SOAS University of London

Department of Religions & Philosophies, School of History, Religions & Philosophies

Secularism & Political Violence: Rethinking Discourses of Sikh Ethno-nationalism

THIS EVENT IS ARCHIVED
Professor Arvind Mandair (University of Michigan)

Date: 4 December 2009Time: 3:00 PM

Finishes: 4 December 2009Time: 5:00 PM

Venue: Russell Square: College Buildings Room: T102

Type of Event: Seminar

One of the things that Sikh ethno-nationalism shares with other varieties of religious nationalism is the way in which its discourse has remained fixed within the intellectual framework governed by the opposition between religion and secularism. This opposition has been sustained by a discourse of violence that itself emanates from a Westphalian/Enlightenment interdiction against ‘religion’ as a phenomenon that must remain outside the public realm. This interdiction has effectively consigned Sikh enunciations in the political domain to a ‘subjective’ status i.e. to a form of identity politics based on the politics of religion-making. This lecture will interrogate the conventional typology of violence (‘subjective’ versus ‘objective’) that has fostered the religion-secular opposition. By way of such an interrogation it is possible to identify a third form of violence, namely ‘symbolic violence’. This is a violence that is embedded within language and which coerced Indian elites into translating their cultural concepts through the category of ‘religion’ during the colonial era. Though rarely acknowledged, symbolic violence (and its main functionary, the ‘interdict’) provides the elusive link between the seemingly opposed discourses of religious nationalism (here Sikh ethno-nationalism) and state secularism. The lecture will conclude by asking what implications this interrogation of violence and secularism in the making of discourses on Sikh ethno-nationalism might have for conceptually refashioning conventional models of secular democracy.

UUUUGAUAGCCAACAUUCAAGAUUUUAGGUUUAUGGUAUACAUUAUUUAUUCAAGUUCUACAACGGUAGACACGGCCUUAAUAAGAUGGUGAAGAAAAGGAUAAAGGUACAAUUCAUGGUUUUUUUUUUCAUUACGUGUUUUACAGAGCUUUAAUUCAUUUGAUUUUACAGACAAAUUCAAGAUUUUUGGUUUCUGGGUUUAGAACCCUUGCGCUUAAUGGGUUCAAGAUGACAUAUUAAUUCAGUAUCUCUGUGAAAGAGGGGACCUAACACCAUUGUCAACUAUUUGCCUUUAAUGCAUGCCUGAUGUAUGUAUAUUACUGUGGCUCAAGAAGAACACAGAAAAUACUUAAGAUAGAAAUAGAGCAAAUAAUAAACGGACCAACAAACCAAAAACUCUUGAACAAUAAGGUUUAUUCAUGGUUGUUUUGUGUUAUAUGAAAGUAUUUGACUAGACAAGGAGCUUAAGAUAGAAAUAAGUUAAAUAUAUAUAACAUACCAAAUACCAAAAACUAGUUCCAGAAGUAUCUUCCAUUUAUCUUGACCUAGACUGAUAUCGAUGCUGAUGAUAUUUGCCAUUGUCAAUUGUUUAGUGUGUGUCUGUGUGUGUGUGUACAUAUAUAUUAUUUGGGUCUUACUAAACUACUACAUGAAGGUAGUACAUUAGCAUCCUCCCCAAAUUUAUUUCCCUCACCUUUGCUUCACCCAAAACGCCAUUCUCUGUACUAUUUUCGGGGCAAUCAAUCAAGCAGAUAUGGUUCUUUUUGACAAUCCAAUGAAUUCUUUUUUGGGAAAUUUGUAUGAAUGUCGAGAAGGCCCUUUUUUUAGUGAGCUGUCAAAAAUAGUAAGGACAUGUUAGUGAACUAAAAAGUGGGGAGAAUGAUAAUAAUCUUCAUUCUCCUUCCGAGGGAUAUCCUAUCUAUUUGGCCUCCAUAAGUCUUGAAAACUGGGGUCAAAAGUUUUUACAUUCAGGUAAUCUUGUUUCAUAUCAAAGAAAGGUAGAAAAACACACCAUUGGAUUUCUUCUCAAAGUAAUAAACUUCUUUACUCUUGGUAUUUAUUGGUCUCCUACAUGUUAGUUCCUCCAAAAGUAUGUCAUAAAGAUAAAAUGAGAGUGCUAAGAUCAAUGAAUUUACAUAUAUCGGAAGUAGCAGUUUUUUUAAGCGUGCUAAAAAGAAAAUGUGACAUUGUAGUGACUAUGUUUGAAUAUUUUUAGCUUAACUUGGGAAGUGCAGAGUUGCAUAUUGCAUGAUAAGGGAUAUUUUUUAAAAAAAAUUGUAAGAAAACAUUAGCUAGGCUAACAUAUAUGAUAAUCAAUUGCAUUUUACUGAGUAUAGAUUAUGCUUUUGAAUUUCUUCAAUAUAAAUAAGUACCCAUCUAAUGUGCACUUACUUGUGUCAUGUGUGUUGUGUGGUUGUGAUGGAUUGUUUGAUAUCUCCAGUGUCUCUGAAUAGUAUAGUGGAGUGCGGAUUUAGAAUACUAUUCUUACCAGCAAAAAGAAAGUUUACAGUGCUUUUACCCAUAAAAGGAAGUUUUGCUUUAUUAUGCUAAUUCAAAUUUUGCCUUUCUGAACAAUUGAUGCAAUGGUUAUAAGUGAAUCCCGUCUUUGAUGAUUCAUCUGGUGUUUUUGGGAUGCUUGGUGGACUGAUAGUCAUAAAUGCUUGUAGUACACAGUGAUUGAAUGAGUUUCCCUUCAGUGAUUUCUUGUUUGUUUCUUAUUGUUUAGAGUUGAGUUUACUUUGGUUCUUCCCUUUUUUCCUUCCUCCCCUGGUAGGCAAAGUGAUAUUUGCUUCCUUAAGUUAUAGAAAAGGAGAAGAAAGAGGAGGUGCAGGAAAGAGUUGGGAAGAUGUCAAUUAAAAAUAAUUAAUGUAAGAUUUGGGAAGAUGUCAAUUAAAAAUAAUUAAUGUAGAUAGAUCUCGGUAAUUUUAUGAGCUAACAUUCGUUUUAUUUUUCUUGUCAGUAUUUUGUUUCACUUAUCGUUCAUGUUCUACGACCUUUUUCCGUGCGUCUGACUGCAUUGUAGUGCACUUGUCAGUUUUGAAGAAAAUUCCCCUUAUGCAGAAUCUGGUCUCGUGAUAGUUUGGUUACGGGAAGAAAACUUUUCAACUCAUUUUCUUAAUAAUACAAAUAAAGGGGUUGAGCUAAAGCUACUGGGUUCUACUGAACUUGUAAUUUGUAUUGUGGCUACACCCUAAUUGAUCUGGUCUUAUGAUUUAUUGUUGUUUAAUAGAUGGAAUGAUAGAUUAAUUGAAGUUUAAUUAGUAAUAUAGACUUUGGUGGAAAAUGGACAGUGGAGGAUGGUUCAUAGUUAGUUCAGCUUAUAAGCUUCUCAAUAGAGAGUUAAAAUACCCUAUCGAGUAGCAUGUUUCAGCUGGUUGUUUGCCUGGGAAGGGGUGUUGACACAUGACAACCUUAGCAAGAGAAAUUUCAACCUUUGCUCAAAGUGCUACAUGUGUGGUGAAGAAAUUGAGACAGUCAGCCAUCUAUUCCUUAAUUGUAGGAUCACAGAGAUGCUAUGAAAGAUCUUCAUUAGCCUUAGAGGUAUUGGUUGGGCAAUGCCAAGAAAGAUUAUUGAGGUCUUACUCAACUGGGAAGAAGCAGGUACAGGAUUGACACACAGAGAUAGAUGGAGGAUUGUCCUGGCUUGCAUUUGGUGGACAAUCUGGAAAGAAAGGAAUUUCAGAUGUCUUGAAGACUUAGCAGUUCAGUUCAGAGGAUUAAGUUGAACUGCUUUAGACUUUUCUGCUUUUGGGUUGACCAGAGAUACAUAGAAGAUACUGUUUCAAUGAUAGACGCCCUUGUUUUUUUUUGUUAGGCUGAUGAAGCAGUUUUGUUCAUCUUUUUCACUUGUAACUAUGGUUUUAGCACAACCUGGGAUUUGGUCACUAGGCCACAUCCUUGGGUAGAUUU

Organiser: Dr Cosimo Zene

Contact email: zc@soas.ac.uk

Contact Tel: 020 7898 4783